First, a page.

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The 7.9 Scenario

What is it?

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Primary affected areaSo just what is The 7.9 Scenario and what does it mean?

See the details in my FAQs, or read the summary below.

The 7.9 Scenario is the imagining of what it would be like if a magnitude 7.9 earthquake struck on the New Madrid Fault at the same epicenter as the December 16, 1811 earthquake.

These imaginings are turned into solid estimates of the damage, both to property and to lives, by cross-multiplying the expected shaking intensity map with the population density of the region as determined from the United States census. This gives some indication of the amount of destruction that could be expected from such an event.

In addition, using the economic census and the shaking intensity map, one can estimate the total impact on the economy of the region, and by implication, the impact on the economy of the United States.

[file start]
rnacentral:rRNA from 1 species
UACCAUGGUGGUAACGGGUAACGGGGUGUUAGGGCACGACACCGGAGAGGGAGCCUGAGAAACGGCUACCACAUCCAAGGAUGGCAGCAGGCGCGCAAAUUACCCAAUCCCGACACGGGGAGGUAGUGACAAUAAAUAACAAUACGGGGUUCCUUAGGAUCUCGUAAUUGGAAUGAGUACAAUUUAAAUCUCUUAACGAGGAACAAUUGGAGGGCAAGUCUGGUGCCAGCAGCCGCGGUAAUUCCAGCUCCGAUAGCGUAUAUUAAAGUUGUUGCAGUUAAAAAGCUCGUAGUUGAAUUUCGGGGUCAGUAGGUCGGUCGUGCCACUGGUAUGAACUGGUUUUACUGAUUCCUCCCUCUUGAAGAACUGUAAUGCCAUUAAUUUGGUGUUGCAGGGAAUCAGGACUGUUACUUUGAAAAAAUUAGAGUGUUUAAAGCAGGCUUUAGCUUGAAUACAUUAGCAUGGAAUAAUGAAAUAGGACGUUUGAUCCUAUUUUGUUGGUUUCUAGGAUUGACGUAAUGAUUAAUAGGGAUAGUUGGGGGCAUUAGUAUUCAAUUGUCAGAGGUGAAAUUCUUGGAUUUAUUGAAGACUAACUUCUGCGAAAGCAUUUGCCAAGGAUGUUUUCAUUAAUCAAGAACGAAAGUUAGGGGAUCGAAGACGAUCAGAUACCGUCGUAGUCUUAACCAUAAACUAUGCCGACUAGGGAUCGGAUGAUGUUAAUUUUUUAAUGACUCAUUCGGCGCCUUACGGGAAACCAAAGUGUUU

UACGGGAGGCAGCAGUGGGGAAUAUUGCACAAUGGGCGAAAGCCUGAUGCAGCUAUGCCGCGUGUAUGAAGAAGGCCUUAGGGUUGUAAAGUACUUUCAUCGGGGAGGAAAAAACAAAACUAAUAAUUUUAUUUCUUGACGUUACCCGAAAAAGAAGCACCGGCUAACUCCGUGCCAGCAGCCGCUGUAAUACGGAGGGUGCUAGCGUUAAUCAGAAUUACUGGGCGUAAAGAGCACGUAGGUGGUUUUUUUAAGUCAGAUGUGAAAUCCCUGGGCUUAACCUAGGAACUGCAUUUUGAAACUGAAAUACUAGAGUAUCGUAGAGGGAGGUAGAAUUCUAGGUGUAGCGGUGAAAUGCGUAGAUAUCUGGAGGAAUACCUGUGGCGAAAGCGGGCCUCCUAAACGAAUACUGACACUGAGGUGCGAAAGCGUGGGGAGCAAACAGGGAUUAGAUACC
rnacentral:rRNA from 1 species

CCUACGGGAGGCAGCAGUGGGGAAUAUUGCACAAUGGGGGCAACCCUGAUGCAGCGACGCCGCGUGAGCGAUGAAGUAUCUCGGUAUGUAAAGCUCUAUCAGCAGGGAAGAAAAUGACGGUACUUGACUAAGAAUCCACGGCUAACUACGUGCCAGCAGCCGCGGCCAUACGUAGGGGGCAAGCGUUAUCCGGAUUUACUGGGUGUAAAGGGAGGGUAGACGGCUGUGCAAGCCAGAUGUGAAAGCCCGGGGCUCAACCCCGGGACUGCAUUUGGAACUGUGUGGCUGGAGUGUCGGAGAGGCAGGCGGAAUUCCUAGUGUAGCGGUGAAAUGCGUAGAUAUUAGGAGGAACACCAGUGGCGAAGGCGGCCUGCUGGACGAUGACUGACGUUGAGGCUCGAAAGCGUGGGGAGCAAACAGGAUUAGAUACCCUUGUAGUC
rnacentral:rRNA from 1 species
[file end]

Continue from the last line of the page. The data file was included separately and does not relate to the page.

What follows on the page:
The 7.9 Scenario is a worst-case scenario because it assumes all the worst things that can happen do happen. The probability is that the next big earthquake on the New Madrid will be of a lesser intensity, and therefore, inflict less damage to the region. However, there have been even bigger earthquakes in the region, so one should not become complacent.

The probability that the Mississippi will be at flood stage when the earthquake hits is low, but what if it follows Murphy's law and occurs at the worst possible moment? The probability that the shaking of the Kentucky dam will destroy the locks may be low; it needs to be studied further. The probability that the shaking will be enough to break the levees in New Orleans may be low, but are we really sure. Will the Old River Control Structure survive the shaking? I am not sure, but it has already almost been lost when only plagued by the high waters of the mighty river.

So just how worst case is The 7.9 Scenario. I am not sure, but it does give some indication of the kind of world we can expect when the next giant earthquakes tears apart the central United States. It is enough of a warning to make me worry and to think we should start doing more planning and preparation for what might occur. The odds are low, but the risk is far too great to ignore.

Now, go read my Frequently Asked Questions.

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